The Stamp Duty holiday is coming to an end on Thursday 30 September 2021, which means that Stamp Duty rates will return to their pre-pandemic norms.
The holiday was introduced to boost the housing market, as it was struggling due to lockdowns and the Covid-19 pandemic. According to the BBC, housing transactions in the UK fell to a record low of 42,000 in April 2020.
When it was introduced in July 2020, the holiday meant that no Stamp Duty needed to be paid on the first £500,000 of the purchase price. In July 2021, it was reduced to the first £250,000.
But what are the changes coming to Stamp Duty, and what do they mean for you? Read on to find out more.
Stamp Duty is a tax on the land for properties over a certain value
Stamp Duty has been around for almost 350 years, but the modern iteration was introduced in 1997 by the chancellor at the time, Gordon Brown. It is essentially a tax on property, and the amount you pay depends on the purchase price of your home.
As a result of the pandemic, from July 2020 to July 2021, no Stamp Duty was charged on the purchase of a new home valued at under £500,000 in England and Northern Ireland.
In July 2021, the government extended the Stamp Duty holiday until 30 September, but the value at which you had to start paying was reduced to £250,000.
The tax is paid only on the part of your property that exceeds the tax-free limit. For example, if you had bought a £350,000 property in July 2021, you would only pay Stamp Duty on the excess £100,000.
However, if you are a first-time buyer in England and Northern Ireland, then you do not pay any Stamp Duty on purchases up to £300,000.
The tax-free threshold on Stamp Duty is lowering again
Since the Stamp Duty holiday was extended in July 2021, new homeowners have not paid Stamp Duty on the first £250,000 of a property purchase. The amount that you must pay is dependent on the overall purchase price, as shown in the tables below.
Stamp Duty rates from 1 July to 30 September 2021:
From Friday 1 October, Stamp Duty will be paid on any property worth more than £125,000 except in specific cases (for example, if you’re a first-time buyer).
Stamp Duty rates from Friday 1 October:
Moving home after September 2021 will be more expensive
With the Stamp Duty holiday coming to an end, those who are looking to move home will need to pay more, as the tax-free threshold returns to pre-pandemic levels. This means that moving will cost you the same in Stamp Duty as it did pre-Covid.
Stamp Duty is paid incrementally, and you’ll pay it if you buy a home worth more than £125,000 (unless you’re a first-time buyer as mentioned above).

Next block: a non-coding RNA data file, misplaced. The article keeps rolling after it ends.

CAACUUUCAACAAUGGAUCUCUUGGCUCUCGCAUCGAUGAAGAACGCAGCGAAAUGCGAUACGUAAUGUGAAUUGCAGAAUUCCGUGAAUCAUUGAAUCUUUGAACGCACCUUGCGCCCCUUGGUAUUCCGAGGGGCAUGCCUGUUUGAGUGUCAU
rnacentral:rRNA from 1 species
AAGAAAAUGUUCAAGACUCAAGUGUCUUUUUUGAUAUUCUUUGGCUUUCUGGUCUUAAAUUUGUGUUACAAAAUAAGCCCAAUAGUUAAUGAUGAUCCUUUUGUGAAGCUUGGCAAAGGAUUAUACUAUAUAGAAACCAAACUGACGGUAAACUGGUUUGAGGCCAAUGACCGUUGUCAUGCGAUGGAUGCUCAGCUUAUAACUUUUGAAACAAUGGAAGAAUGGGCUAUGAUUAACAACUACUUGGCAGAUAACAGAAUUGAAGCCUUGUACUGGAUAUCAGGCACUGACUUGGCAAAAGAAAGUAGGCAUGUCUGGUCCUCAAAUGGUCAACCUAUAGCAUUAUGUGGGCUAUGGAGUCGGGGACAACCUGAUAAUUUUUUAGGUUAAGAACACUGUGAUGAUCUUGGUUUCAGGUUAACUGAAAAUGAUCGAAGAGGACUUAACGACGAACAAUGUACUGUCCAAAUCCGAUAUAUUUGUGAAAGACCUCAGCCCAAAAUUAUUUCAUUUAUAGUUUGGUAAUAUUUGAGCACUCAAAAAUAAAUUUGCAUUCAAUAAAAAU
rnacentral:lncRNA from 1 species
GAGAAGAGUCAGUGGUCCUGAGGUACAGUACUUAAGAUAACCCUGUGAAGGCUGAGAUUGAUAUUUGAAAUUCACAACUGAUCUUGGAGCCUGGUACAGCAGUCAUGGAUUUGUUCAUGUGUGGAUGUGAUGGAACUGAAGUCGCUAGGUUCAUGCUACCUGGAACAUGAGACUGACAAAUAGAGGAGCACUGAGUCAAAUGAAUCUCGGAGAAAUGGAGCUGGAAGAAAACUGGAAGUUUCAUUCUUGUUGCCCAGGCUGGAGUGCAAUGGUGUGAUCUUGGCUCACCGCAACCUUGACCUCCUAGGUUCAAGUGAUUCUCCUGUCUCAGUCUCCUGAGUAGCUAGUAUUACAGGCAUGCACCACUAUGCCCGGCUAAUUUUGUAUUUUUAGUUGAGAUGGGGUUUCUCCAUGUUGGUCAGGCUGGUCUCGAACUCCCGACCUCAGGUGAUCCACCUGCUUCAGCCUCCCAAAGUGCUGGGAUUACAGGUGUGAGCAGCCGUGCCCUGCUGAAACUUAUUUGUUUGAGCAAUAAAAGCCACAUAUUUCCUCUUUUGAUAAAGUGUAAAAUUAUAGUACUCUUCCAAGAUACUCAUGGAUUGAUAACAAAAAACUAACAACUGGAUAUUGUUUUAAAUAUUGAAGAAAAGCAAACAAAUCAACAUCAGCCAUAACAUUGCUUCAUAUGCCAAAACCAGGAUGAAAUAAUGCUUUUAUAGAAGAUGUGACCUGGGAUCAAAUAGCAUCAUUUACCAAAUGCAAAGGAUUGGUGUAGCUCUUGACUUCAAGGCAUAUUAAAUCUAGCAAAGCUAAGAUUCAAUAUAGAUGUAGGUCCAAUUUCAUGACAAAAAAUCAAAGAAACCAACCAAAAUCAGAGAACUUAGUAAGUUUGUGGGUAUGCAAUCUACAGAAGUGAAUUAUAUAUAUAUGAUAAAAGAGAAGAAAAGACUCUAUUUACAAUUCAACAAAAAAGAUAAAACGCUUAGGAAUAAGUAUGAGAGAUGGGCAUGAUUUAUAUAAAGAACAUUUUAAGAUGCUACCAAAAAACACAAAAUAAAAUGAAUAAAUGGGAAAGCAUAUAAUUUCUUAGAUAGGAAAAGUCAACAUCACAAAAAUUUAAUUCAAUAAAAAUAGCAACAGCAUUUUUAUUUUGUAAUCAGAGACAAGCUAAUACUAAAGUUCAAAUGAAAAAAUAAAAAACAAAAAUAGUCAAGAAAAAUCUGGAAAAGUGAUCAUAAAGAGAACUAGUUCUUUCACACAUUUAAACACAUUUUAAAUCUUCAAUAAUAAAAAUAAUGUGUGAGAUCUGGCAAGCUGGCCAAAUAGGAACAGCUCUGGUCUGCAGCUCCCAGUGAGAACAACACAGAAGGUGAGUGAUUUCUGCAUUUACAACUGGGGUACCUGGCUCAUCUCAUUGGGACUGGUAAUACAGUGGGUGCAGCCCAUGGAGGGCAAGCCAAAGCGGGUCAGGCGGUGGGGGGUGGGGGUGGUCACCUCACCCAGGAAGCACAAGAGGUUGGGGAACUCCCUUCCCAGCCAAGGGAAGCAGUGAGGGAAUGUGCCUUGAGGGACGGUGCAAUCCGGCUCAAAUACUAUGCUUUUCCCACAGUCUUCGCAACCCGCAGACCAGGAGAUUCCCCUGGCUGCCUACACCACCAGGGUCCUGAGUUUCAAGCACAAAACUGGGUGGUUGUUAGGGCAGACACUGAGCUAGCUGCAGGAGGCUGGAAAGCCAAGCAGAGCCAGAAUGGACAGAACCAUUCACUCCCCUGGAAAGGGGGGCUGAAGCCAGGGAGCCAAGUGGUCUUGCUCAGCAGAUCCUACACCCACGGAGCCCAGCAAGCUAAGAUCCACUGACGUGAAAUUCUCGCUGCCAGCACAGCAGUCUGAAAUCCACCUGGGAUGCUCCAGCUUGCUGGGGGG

This means that you will pay 0% Stamp Duty on the first £125,000 of the purchase price, 2% on any amount up to £250,000, 5% on any amount up to £925,000, and so on.
According to the Office for National Statistics, the average house price in England as of July 2021 was £271,000. If you had bought a property worth £271,000 between 1 July and 30 September, you would have paid a total of £1,050 in Stamp Duty. From 1 October, you’d pay £3,550 instead.
You can find Stamp Duty calculators, like this one from MoneySavingExpert, freely available online.
Stamp Duty is different when purchasing additional homes
Stamp Duty payments aren’t the same for everyone. Those looking to buy an additional property and first-time buyers are subject to different rates.
If you’re looking to buy a second home in addition to your primary residence, then you will pay an additional 3% Stamp Duty.
This means that for the first £125,000 of your additional property, instead of paying 0% in Stamp Duty, you will pay 3%. You will then pay 5% up to £250,000, 8% up to £925,000, and so on.
Those who qualify as first-time buyers are given tax relief on Stamp Duty
For first-time buyers, there won’t be much change to think about. First-time buyers are still allowed Stamp Duty tax relief, which means they will not pay Stamp Duty up to the value of £300,000 in England and Northern Ireland.
If their property is valued between £300,000 and £500,000, first-time buyers will pay 5% Stamp Duty on the amount exceeding £300,000.
To qualify for first-time buyer benefits, you must not have owned your own home anywhere in the world before. Unfortunately, this includes inheriting a property, even if you didn’t buy it. However, you can still qualify for first-time buyer benefits if you have owned a commercial property before.
If the property you are purchasing is over the value of £500,000, you will not qualify for first-time buyer tax relief, and you will be subject to the standard rates of Stamp Duty.
If you are unsure exactly how much Stamp Duty you need to pay or how it will affect your move, consider reaching out to us. We can help you to understand your situation and advise you on how to approach it.
Get in touch
If you want to know more about the new rules surrounding Stamp Duty and how it could affect your move, get in touch. Email email@example.com or call us at 0207 808 4120 to find out more.